Frustration

I just found out that one of the people I speak to each week has died.

About October they stopped answering. I thought that was strange, because we got on well. You can always tell when there is a rapport.

The charity has a procedure: after several weeks of no answers, I notify them, and they send a letter out. The wording is flowery, but it is basically asking for confirmation that they still want the calls.

Obviously somebody has been going through the client’s mail, found this letter, and got in touch to explain.

It comes with the territory, I suppose, especially as the charity specifically works with seniors. but from the conversations I have with clients, I was quite gobsmacked because I had no inkling that they were anywhere near death. I’ve had clients die before, but usually the signs are there.

It’s weird, because I phone these people up each week to say hello, have a chat and along the way to get some kind of feel for whether they are all right. It’s a bit like on here, especially when somebody doesn’t appear for a while. And if they happen to be *not* all right, tough. There’s not much I can do about it. I struggle with that.

It felt similar during our first lockdown, although that was more direct. We were asked to make “reassurance” calls. They were mainly focussed on direct needs. Have you got enough food? are you managing your anxiety ok?and so on. Again, there was a limited amount we could do, if someone said “no”. We could signpost them to services which could offer concrete assistance, but we couldn’t actually do anything ourselves. We couldn’t put fresh food on their table, say.

It’s kind-of a weird feeling. You’re helping, but… there’s a limit to what you can do. Ultimately… you’re on your own.

Author: Mister Bump UK

Designed/developed IT systems for banks, but had a stroke in 2016, aged 48. Returned to developing from home, plus do some voluntary work. Married, with a grown-up, left-home daughter.

14 thoughts on “Frustration”

  1. So sorry for the sudden loss. Having personal contact with someone, only to hear they’ve passed cannot be easy. I cannot begin to imagine your sense of loss after having been personally involved with them. God bless my friend.

    At my age, leaving this world is always at the back of my mind. The other day my wife asked me what I thought of getting burial plots. That thought was out of the blue, but made perfect sense to talk about. So, she started checking with cemeteries in our former home town in California near our kids. Then we talked about how we want our remains handled – burial or “throw me on the barbie”? I chose the barbie so she could easily take me anywhere she wanted to go, if I went first.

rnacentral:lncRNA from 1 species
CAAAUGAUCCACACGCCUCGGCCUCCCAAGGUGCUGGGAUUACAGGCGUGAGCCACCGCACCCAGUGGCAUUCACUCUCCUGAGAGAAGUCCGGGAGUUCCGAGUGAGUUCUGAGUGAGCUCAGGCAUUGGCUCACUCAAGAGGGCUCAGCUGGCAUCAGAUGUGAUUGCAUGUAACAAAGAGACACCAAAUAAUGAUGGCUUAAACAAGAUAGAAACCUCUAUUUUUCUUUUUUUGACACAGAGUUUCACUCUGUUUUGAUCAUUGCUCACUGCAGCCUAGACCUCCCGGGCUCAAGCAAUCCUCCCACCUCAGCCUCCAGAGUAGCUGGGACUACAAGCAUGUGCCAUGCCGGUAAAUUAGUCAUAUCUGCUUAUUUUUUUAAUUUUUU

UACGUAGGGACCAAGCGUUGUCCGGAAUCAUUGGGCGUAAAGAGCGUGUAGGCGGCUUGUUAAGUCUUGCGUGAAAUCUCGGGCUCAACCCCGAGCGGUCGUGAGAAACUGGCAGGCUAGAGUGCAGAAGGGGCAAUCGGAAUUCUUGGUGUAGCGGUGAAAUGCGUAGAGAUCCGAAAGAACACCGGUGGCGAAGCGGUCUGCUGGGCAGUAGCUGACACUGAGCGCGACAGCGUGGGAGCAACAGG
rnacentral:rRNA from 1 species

My youngest brother always told me he wanted to be cremated as well. His comment was, “I’ve always wanted to travel, so when my ashes are ready, put me on a semi- tractor truck (articulated lorry) and tell the driver to take me with him until the road runs out, then pass me off to another one.” Sadly, there was a fight over his ashes between his last wife (#3), and his daughter.

    My high school alumni association puts out a column called “Loss of another classmate” to advise us of our dwindling numbers – a few of them have been close friends as well. It is a shock to suddenly see those names in print.

    Liked by 1 person

  2. Yes, the same happened on our three weekly RVS ‘books on wheels’ round. Sometimes we heard a very frail person had gone to hospital, then much to our surprise they would be back home next time. Other times someone who seemed very lively would be gone. Elderly folk often leave their door unlocked or have a key box and we would knock loudly and tiptoe politely in, fortunately we never came across any sudden deaths!

    Liked by 1 person

  3. Wow – that’s a kick to the gut. I’m glad to read you are serving a purpose to aide others, and understand that it is limited and you do what you can. It’s still sad when a life ends. Hopefully, that person was a Christian and then they didn’t die alone. The had their faith in God.

    Liked by 1 person

  4. It is quite the shock sometimes. I talked to my mom’s cousin early in 2020 and he was fine, near as I knew. In fall Bob came across an obit: this cousin had died in April. You’d think the family would go through his/her phone list and give a quick call to regular connections.

    Liked by 1 person

    1. I don’t mind the death aspect so much. People die, that’s a part of life. It is frustrating because, at the end of a phone, you can only provide a tiny fraction of the help you might provide, say, in person.

      Liked by 1 person

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